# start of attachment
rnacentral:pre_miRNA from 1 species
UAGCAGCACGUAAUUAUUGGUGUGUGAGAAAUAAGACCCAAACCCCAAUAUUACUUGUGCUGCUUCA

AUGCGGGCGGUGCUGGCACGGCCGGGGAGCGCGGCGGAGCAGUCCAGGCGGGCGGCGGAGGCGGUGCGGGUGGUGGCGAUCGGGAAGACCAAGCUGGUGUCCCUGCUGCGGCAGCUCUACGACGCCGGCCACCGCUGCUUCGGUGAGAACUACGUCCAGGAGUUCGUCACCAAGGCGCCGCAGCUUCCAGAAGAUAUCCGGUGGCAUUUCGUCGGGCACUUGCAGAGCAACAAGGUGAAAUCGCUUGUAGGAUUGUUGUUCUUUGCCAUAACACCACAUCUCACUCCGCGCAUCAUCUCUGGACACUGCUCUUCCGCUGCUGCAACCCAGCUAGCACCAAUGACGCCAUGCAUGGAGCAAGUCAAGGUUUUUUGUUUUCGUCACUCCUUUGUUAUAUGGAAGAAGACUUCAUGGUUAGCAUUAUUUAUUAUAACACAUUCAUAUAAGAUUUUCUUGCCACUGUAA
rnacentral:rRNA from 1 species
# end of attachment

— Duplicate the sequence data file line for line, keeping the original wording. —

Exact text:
rnacentral:pre_miRNA from 1 species
UAGCAGCACGUAAUUAUUGGUGUGUGAGAAAUAAGACCCAAACCCCAAUAUUACUUGUGCUGCUUCA

AUGCGGGCGGUGCUGGCACGGCCGGGGAGCGCGGCGGAGCAGUCCAGGCGGGCGGCGGAGGCGGUGCGGGUGGUGGCGAUCGGGAAGACCAAGCUGGUGUCCCUGCUGCGGCAGCUCUACGACGCCGGCCACCGCUGCUUCGGUGAGAACUACGUCCAGGAGUUCGUCACCAAGGCGCCGCAGCUUCCAGAAGAUAUCCGGUGGCAUUUCGUCGGGCACUUGCAGAGCAACAAGGUGAAAUCGCUUGUAGGAUUGUUGUUCUUUGCCAUAACACCACAUCUCACUCCGCGCAUCAUCUCUGGACACUGCUCUUCCGCUGCUGCAACCCAGCUAGCACCAAUGACGCCAUGCAUGGAGCAAGUCAAGGUUUUUUGUUUUCGUCACUCCUUUGUUAUAUGGAAGAAGACUUCAUGGUUAGCAUUAUUUAUUAUAACACAUUCAUAUAAGAUUUUCUUGCCACUGUAA
rnacentral:rRNA from 1 species